April Conference: A Multidisciplinary Forum for Research Discussion and Public Debate
It’s been the XIX April Conference this year – how has it changed since the first years?
To give a little retrospective, when I became a part of the April Conference programme committee, a few years after I joined HSE back in 2003, the conference brought together around 250 participants. This year we had over 1800. The scale changed greatly, and while in the past Andrey Yakovlev and I still could read through all the submitted papers, these days it is simply impossible. Still, I do my best to indulge my scientific curiosity and get familiar with some of the papers outside the conference sessions which I supervise.
The conference maintains a balance of research and policy analysis, on the one hand, and of theoretical topics and to specific issues concerning development of Russia, its economy, education and political system, on the other hand, thus creating a space in which everybody can find something to suit their research interests. And indeed, the scope of topics discussed at the April Conference is astounding and has naturally expanded over the years.
I am exceedingly happy and proud to note that through all these years the quality of research presented at the April conference has always been very strong. It corresponds fully to my idea and experience of what a good scientific conference should be – it brings together people who do cutting-edge research. I would like to emphasise that the honourary speakers have delivered outstanding talks, and presented findings and approaches which are bound to define future research in their respective fields.
Was there any paper that impressed you most of all? One that everybody should get familiar with?
Listening to an honorary speaker presentation is always a treat. Several years ago we had Eric Maskin,then Kenneth Arrow, which were very special occasions for HSE. This year, for example, Claude d'Aspremont-Lynden presented an outstanding talk on Dixit-Stiglitz model, which is very fundamental and generates a whole new array of ideas for further exploration. However, this talk was a very math-based economic theory of 21st century and would make little sense to the general audience.
To give another example, Maurice Salles, another speaker whom I had the pleasure to invite, did a very thorough historical analysis of how the concept of independence of irrelevant alternatives originated. He evoked the works of J.F. Nash, K. Arrow, and many other great names in the economic theory, and this puts one of the most influential concepts of the 20th century into context. There was a talk by Heinz-Dieter Kurz on Marx, which I was not able to attend unfortunately, and while it is not my area of expertise, I would be very interested to learn more in terms of adding to the general intellectual background. It’s one of the perils of the conference growing - for me, between chairing two sessions and being a moderator at 4 honorary speaker talks, there is too much going on at once to attend everything that interests me.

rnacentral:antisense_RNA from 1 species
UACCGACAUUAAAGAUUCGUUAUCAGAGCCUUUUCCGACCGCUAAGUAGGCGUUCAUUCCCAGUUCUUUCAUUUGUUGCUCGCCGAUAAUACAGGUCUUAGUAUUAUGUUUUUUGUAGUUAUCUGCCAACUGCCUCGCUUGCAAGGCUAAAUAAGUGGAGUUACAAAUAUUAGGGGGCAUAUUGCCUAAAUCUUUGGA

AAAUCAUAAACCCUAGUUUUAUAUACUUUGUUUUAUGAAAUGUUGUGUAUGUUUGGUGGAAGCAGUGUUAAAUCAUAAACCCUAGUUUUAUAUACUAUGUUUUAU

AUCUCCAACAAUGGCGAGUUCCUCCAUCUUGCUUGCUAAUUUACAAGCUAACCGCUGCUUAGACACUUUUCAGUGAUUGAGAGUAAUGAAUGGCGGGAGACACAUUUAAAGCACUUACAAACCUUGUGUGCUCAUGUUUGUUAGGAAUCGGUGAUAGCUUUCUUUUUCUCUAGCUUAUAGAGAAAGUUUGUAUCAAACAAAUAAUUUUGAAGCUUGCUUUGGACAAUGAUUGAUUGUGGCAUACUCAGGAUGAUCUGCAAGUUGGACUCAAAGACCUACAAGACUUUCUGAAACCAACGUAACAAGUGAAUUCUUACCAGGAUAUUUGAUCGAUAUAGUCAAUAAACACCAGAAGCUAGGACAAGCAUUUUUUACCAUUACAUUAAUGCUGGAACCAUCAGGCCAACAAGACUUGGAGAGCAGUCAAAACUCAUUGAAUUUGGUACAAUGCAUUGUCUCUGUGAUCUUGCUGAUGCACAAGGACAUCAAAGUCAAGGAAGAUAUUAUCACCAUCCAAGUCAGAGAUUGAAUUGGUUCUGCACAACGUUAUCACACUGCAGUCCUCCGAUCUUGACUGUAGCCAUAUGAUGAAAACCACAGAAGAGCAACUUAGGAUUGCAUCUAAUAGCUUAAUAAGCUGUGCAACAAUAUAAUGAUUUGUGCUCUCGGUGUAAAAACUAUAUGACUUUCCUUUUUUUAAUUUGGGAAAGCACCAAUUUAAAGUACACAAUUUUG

This year new thematic sessions were added to the conference. Could you please tell more about them?
The session ‘The Arctic: Challenges of the 21st Century’ was added on my suggestion because it is a huge policy issue. Due to the growing interest in using the resources of the Arctic (hopefully responsibly and sustainably), there is a pressing need to learn more about this area and to study its resources and the natural, technological and political limitations regarding their use.
By the way, I got interested in the topic by chance: two years ago I was invited by a colleague whom I respect very much to participate in a workshop on the Arctic issues, and I could not refuse. While I was listening to the colleagues, I did a draft mathematical model based on the presentations about the issues concerning the Arctic. After further refining and developing this model, I was able to present it at three prominent conferences focusing on the Arctic, including the Arctic Congress, and I got involved in several research and policy analysis projects on the Arctic since.